RALEIGH, N.C. -- Chris Duhon took a jump shot and winced as he came back down to the floor. Such is life for a guard with a rib injury, one that could keep Duke's leader out of the lineup when the Blue Devils open the NCAA tournament.
While Duhon insisted he would play, Duke coach Mike Krzyzewski said the senior's availability would be determined at game time. The top-seeded Blue Devils (27-5) play 16th-seeded Alabama State (16-14) tonight in the opening round of the Atlanta Regional.
"What you saw him do out there today, that's all he's done," Krzyzewski said of Duhon's minimal work during an hourlong shootaround yesterday. "He needs to do more than that if he's going to play."
The injury probably could have been avoided. Duhon hurt himself last Sunday diving for a ball in the final of the Atlantic Coast Conference tournament, a 95-87 overtime loss to Maryland that snapped Duke's five-year reign as tourney champions.
Duhon rammed into the bottom of a stanchion put in place to hold a stationary TV camera. Krzyzewski was livid that the stanchion wasn't padded, but he knows the damage has already been done: The emotional center of his team, a senior who averages 10 points a game and plays great defense, won't be the same again this season, "whether we're here for one game or we go all the way," Krzyzewski said.
Even though the Blue Devils are favored by 34 points against the Hornets, the coach said Duhon will play if he's healthy, and won't be held out because of the perceived weakness of the opponent.
"I have respect for Alabama State," Krzyzewski said. "You don't want to enter the tournament half-stepping it."
If Duke wins, it will play the winner of a game between eighth-seeded Seton Hall (20-9) and ninth-seeded Arizona (20-9). A Duke-Arizona game would be a rematch of the 2001 final.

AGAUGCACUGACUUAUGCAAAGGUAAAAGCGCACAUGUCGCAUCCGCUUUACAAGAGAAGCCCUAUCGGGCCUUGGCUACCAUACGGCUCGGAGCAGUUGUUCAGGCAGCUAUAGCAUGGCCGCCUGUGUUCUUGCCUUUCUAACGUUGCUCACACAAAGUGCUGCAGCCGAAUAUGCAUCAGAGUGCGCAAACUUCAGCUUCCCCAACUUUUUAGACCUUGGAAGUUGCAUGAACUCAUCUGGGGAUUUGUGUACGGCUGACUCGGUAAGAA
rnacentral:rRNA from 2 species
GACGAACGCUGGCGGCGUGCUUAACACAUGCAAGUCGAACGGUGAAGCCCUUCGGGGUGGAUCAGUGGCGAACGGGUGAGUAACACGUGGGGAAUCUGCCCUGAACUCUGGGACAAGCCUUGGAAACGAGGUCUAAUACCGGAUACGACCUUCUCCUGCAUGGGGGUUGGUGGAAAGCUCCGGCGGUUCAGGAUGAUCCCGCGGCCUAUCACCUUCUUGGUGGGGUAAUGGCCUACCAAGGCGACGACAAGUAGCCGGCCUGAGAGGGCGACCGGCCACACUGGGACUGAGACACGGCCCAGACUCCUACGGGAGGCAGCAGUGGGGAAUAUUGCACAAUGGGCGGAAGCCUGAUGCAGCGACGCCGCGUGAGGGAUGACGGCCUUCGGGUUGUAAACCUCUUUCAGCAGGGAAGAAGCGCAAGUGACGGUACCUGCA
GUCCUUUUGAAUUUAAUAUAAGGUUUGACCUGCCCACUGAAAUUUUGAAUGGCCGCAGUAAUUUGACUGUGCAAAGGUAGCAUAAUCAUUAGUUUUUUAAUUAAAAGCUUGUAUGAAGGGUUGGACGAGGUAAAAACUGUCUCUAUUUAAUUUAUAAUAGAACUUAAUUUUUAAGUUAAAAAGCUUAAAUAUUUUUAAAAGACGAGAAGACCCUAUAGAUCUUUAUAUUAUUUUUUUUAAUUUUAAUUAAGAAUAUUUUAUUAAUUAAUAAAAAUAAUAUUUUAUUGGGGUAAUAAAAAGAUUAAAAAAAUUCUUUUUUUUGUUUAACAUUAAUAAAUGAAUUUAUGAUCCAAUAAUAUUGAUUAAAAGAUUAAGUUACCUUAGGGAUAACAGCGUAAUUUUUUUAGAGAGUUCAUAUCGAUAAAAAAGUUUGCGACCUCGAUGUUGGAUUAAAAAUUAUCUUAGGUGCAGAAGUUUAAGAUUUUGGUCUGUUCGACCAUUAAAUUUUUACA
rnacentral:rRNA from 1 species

Duhon, meanwhile, said he'll just have to get used to the heavy wrap he wore underneath his uniform during practice. He plans on playing.
"I have to learn to play through it," he said. "This is something that's going to be with me for a while and I just have to handle it the right way. I'll be ready to go, as much as possible. It's hopefully my last six games, and I don't want to spend them on the bench."
Other games in Raleigh involve the East Rutherford Regional. Fourth-seeded Wake Forest (19-9) plays 13th-seeded Virginia Commonwealth (23-7) and its 29-year-old coach, Jeff Capel. No. 5 seed Florida (20-10) goes against No. 12 Manhattan (24-5) in a game many have slated as a prime spot for an upset.
"The perception right now is if we win, it's almost an upset," Gators forward David Lee said.
While upsets in the 5-12 matchup are common, no 16th seed has ever beaten a No. 1. Duke rarely bows out that early anyway. The Blue Devils -- seeded first for the sixth time in the last seven years -- have made it out of the first weekend for six straight years. The Blue Devils have won three national titles, all since 1991, and are clearly considered among the favorites for a fourth.
Still, there is an inkling that this year's team might be missing an ingredient or two, especially after the most recent events.
The loss to Maryland came just 11 days after Georgia Tech beat Duke, 76-68, to snap its 41-game home winning streak.
The two losses exposed Duke as a foul-prone team -- center Shelden Williams fouled out of his fifth game against Maryland -- that can be pushed around.
The Blue Devils also showed they may be too dependent on guard J.J. Redick's shooting touch. Redick, the team's leading scorer this season, struggled to a 6-for-17 shooting night against Maryland, and he is 21 for 68 over his last six games.
"People put their best athlete, their best defender on him," Krzyzewski said. "It can wear you down. It's a cumulative effect, and I think some of that has happened to him over the last week-and-a-half or so."
Then, of course, there were the injuries.
Also hurt in the ACC tournament were Daniel Ewing (hand) and Luol Deng (ankle). Their injuries shouldn't keep them out tonight, but Krzyzewski is concerned nonetheless.
"The main thing for me is not that we lost, but that we came out all banged up," he said.
Alabama State would like to capitalize on a team at less than 100 percent. Like so many other prohibitive underdogs, the Southwestern Athletic Conference champs insist they're not just happy to be here.
"We're here to win," guard Malcolm Campbell said. "We didn't come here just to play or see Coach K."